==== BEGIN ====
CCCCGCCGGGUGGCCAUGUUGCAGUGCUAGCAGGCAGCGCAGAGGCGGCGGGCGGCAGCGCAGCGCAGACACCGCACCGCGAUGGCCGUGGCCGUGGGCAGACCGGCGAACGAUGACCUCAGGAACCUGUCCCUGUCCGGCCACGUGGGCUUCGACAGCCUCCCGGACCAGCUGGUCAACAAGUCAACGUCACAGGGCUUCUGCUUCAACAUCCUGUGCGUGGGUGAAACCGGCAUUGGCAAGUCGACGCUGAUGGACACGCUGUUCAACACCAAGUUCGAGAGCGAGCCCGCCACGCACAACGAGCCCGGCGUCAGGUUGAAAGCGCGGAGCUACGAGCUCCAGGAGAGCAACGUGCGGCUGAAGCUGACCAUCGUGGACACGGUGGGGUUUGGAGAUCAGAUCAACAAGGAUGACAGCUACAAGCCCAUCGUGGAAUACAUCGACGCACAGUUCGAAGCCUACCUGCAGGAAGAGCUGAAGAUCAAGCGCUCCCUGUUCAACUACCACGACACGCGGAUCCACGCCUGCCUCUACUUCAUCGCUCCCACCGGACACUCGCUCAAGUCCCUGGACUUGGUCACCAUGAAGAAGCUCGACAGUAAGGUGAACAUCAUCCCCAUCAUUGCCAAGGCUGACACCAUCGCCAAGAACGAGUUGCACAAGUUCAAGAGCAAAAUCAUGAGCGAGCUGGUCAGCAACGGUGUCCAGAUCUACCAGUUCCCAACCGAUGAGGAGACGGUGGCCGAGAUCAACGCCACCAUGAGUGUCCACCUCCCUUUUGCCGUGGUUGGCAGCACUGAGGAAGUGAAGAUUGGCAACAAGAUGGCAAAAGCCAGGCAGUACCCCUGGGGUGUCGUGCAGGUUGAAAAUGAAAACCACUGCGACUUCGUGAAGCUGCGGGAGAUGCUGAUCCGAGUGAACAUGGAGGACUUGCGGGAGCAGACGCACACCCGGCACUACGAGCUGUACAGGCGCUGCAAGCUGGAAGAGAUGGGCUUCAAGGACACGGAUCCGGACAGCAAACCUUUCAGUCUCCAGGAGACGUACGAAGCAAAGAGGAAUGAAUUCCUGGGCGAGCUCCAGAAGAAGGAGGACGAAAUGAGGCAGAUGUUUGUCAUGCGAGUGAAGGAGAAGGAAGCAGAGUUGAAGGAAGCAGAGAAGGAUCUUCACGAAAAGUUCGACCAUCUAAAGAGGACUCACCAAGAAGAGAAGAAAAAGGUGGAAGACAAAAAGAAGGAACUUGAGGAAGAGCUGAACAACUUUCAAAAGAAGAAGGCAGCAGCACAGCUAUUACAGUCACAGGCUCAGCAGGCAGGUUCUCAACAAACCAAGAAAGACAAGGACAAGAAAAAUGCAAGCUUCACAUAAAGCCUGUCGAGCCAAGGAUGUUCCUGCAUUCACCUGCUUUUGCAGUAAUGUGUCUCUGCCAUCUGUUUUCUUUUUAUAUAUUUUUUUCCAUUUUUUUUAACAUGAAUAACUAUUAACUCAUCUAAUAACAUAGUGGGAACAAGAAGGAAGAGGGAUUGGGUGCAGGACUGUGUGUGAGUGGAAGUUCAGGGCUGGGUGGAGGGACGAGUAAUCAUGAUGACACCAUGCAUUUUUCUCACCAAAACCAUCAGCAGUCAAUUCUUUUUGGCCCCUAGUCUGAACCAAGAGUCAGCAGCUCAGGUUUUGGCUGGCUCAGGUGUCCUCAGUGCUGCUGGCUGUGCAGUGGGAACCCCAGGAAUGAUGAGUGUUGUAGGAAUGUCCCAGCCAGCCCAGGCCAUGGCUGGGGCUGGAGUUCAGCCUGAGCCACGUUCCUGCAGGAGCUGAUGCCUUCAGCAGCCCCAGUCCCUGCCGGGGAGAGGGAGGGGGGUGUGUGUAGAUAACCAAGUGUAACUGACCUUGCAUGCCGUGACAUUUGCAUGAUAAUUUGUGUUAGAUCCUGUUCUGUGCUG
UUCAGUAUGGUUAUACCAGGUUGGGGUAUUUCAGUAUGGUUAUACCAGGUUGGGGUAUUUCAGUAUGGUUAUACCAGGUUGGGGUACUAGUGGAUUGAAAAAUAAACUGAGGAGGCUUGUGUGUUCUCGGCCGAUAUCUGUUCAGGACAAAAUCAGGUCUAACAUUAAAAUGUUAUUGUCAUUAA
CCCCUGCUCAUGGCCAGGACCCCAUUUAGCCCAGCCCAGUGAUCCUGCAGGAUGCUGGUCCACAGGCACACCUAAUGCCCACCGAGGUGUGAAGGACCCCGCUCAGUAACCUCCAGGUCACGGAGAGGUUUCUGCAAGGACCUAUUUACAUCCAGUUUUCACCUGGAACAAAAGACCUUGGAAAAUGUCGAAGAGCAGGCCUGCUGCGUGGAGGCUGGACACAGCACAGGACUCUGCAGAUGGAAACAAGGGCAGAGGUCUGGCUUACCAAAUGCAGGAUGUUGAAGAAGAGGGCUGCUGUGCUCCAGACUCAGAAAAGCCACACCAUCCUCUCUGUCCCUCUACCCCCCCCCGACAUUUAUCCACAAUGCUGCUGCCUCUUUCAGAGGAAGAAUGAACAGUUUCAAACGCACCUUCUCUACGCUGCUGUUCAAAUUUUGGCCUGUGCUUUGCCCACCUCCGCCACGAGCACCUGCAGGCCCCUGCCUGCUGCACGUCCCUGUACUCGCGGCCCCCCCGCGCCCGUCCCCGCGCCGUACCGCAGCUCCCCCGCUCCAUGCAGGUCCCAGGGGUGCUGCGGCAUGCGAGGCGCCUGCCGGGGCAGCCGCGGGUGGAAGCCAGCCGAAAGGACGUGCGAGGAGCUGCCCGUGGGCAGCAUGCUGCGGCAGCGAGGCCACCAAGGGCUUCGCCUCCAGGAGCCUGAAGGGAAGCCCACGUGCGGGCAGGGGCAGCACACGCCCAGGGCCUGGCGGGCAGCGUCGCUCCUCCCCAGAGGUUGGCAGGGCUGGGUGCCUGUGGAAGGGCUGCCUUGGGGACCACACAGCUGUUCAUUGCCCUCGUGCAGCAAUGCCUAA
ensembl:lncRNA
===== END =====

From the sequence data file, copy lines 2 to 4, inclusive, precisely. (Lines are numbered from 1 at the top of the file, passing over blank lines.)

UUCAGUAUGGUUAUACCAGGUUGGGGUAUUUCAGUAUGGUUAUACCAGGUUGGGGUAUUUCAGUAUGGUUAUACCAGGUUGGGGUACUAGUGGAUUGAAAAAUAAACUGAGGAGGCUUGUGUGUUCUCGGCCGAUAUCUGUUCAGGACAAAAUCAGGUCUAACAUUAAAAUGUUAUUGUCAUUAA
CCCCUGCUCAUGGCCAGGACCCCAUUUAGCCCAGCCCAGUGAUCCUGCAGGAUGCUGGUCCACAGGCACACCUAAUGCCCACCGAGGUGUGAAGGACCCCGCUCAGUAACCUCCAGGUCACGGAGAGGUUUCUGCAAGGACCUAUUUACAUCCAGUUUUCACCUGGAACAAAAGACCUUGGAAAAUGUCGAAGAGCAGGCCUGCUGCGUGGAGGCUGGACACAGCACAGGACUCUGCAGAUGGAAACAAGGGCAGAGGUCUGGCUUACCAAAUGCAGGAUGUUGAAGAAGAGGGCUGCUGUGCUCCAGACUCAGAAAAGCCACACCAUCCUCUCUGUCCCUCUACCCCCCCCCGACAUUUAUCCACAAUGCUGCUGCCUCUUUCAGAGGAAGAAUGAACAGUUUCAAACGCACCUUCUCUACGCUGCUGUUCAAAUUUUGGCCUGUGCUUUGCCCACCUCCGCCACGAGCACCUGCAGGCCCCUGCCUGCUGCACGUCCCUGUACUCGCGGCCCCCCCGCGCCCGUCCCCGCGCCGUACCGCAGCUCCCCCGCUCCAUGCAGGUCCCAGGGGUGCUGCGGCAUGCGAGGCGCCUGCCGGGGCAGCCGCGGGUGGAAGCCAGCCGAAAGGACGUGCGAGGAGCUGCCCGUGGGCAGCAUGCUGCGGCAGCGAGGCCACCAAGGGCUUCGCCUCCAGGAGCCUGAAGGGAAGCCCACGUGCGGGCAGGGGCAGCACACGCCCAGGGCCUGGCGGGCAGCGUCGCUCCUCCCCAGAGGUUGGCAGGGCUGGGUGCCUGUGGAAGGGCUGCCUUGGGGACCACACAGCUGUUCAUUGCCCUCGUGCAGCAAUGCCUAA
ensembl:lncRNA